Primary chorionic villi. Diagrammatic.
Secondary chorionic villi. Diagrammatic.
Syncytiotrophoblast (from the Greek 'syn'- "together"; 'cytio'- "of cells"; 'tropho'- "nutrition"; 'blast'- "bud") is the epithelial covering of the highly vascular embryonic placental villi, which invades the wall of the uterus to establish nutrient circulation between the embryo and the mother. It is a unique tissue in that it is a multi-nucleated, terminally differentiated syncytium, extending to 13m².
It is the outer layer of the trophoblasts and actively invades the uterine wall, rupturing maternal capillaries and thus establishing an interface between maternal blood and embryonic extracellular fluid, facilitating passive exchange of material between the mother and the embryo.
The syncytial property is important since the mother's immune system includes white blood cells that are able to migrate into tissues by "squeezing" in between cells. If they were to reach the fetal side of the placenta many foreign proteins would be recognised, triggering an immune reaction. However the syncytium acts as a giant cell so there are no gaps for immune cells to migrate through.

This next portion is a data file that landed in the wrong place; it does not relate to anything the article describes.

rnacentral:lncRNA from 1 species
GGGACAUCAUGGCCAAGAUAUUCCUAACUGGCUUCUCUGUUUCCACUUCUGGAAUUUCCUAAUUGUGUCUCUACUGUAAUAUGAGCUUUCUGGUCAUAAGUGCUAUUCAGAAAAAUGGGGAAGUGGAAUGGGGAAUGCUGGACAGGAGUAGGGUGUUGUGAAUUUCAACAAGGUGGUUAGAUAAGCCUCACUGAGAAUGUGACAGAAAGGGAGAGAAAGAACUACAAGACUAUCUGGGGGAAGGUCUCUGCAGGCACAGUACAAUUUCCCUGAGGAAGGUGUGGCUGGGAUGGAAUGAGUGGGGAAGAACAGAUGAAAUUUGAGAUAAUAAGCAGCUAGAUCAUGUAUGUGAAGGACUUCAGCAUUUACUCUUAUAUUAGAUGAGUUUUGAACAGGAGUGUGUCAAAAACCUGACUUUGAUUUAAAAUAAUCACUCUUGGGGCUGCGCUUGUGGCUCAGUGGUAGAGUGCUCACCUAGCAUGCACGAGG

The syncytiotrophoblast secretes progesterone and leptin in addition to human chorionic gonadotropin (hCG) and human placental lactogen (HPL); hCG prevents degeneration of the corpus luteum. Progesterone serves to maintain the integrity of the uterine lining and, until the syncytiotrophoblast is mature enough to secrete enough progesterone to support pregnancy (in the fourth month of embryonic development), it is aided by the corpus luteum graviditatis.
The syncytiotrophoblast lacks proliferative capacity and instead is maintained by fusion of underlying cytotrophoblast cells. This fusion is assisted by syncytin, a protein that was integrated into mammalian genomes from an endogenous retrovirus.
- Histology image: 19908loa – Histology Learning System at Boston University - "Female Reproductive System: placental villi"
- Nature (Journal) Diagram
- Musicki B, Pepe G, Albrecht E (1997). "Functional differentiation of placental syncytiotrophoblasts during baboon pregnancy: developmental expression of chorionic somatomammotropin messenger ribonucleic acid and protein levels.". J Clin Endocrinol Metab 82 (12): 4105–10. doi:10.1210/jc.82.12.4105. PMID 9398722. Article
- Diagram at McGill
|This developmental biology article is a stub. You can help Wikipedia by expanding it.|